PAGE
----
Be social - in a way that's appropriate for your business
If you want to do well in search results, you should also want to be doing well on social media. In a perfect world you'd have multiple social media channels all engaging different audiences. Small businesses often don't have the time to be able to implement that sort of time, so consolidate your effort and focus on the platforms that suit your business. Getting your world out regularly and people engaging with your brand can definitely have a positive impact on search results.
Since 2019 has kicked off in earnest, anyone that follows tech news will have seen Facebook popping up in their newsfeed very regularly. It's been a busy month for the company, with them making a number of announcements about changes and new products coming throughout 2019. Below are a few of those announcements that caught our attention - and may be useful to know as a small business owner doing any sort of social media campaign or Facebook marketing.
Whatsapp, Instagram & Facebook Messenger to work together
A few clickbait style headings earlier this week announced that Facebook was "merging" Whatsapp, Instagram and Facebook Messenger. While there is some truth to that statement, the changes aren't quite as comprehensive as a full merger. In a nutshell, the plan is to make the underlying structure of the messenging parts of those apps work together. So for example if you have Facebook Messenger and your friend has Whatsapp, you'd still be able to message them directly. More importantly, that messaging is all going to have end-to-end encryption (starting with Facebook Messenger). So you can rest a bit easier knowing your messaging is safe from prying eyes.
Whether this is a sign of a bigger merger to come in the future will be interesting to see, but given Instagram's popularity, it seems unlikely that the platforms will be merged into some form of 'super' Facebook app.
Pages & Groups may be closed before they full violate policy
With all the recent 'fake news' and click baiting that has been coming through the Facebook platform, they've decided to tighten up their protocols by adding a 'Page Quality' tab. This tab will basically tell you as a page owner if your content is being removed or demoted because it is false, partially false, or has a false headline. The idea behind it is to eliminate more misleading content from the platform. In addition to this, the site is going to start banning Pages which are being used to share content that has originally been pulled from the site. For example, if you have two pages and one page is banned or has a post removed, this new policy means you really shouldn't then go and share that same content on the other page. They are calling these 'proactive removals'.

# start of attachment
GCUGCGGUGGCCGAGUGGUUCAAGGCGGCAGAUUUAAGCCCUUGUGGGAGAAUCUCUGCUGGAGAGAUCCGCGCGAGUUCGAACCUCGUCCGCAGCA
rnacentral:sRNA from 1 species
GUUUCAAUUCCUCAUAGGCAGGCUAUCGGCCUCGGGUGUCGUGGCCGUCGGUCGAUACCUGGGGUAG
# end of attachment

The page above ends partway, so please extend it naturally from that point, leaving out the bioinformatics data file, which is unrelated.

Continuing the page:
"Scam" button may be on the way
After seeing a few celebrities faces being used by scam posts on Facebook, the company has responded by announcing they will be aiming to launch a scam reporting button to posts - initially in the UK. Again, this whole roll-out of announcements certainly seems to be targeted at improving the trustworthiness of posts on the site.
Run your petitions through Facebook
In an attempt to be seen as more of a platform for social good, Facebook has announced a new feature called "Community Actions". If you have a cause for good, you'll be able to create that cause in Community Actions, tag relevant authorities & government bodies, and the public will be able to one click "Support" that cause, as well as run discussions etc within it. Like alot of things these days, the company will be testing the service in the USA and we'll be curious to see how well they are able to moderate the Community Actions that are posted. Will this just become another feature used negatively by the internet?
SUMMARY: How does this all affect your business?
Like most changes in the online space these days, the changes that Facebook are looking to bring quality to their product. Trustworthiness and reliability are the main focus, so if you continue to create genuine, original and truthful content, then you won't need to worry too much about the changes impacting your page.
As another frenetic year of business comes to an end, companies of all sizes will be looking to their sales and trying to understand how they can maintain or increase them as the holidays roll around. While those of you who run a brick and mortar store operation see hordes of customers come in store on Boxing Day, that trend isn't as much of a guarantee online. Remembering that online stores have the benefit of an upsurge of customers across Black Friday and Black Monday, there is certainly an art to remaining relevant online over the holiday period. Nowhere is that more prominent than in New Zealand, where our beautiful summer calls us away from our computers and out to the beach!
The first thing to understand about the post Christmas period is that it's not just about Boxing Day. It's always a good strategy to think of Boxing Day as the first day of a month long sales and marketing campaign. Your customers will be hunting around and expecting sales on Boxing Day, but their spending can continue into the New Year if you strategise correctly. With that in mind, sit down and come up with a bit of a plan that keeps your offering interesting for the whole month. For example, start the hype for Boxing Day early (so customers are looking forward to sales that are on the way), hammer those sales hard on Boxing Day, then get inventive with your offerings for the rest of the month. Think about different deals which might suit a New Year promo, as well as other ways to engage and reward your customer base.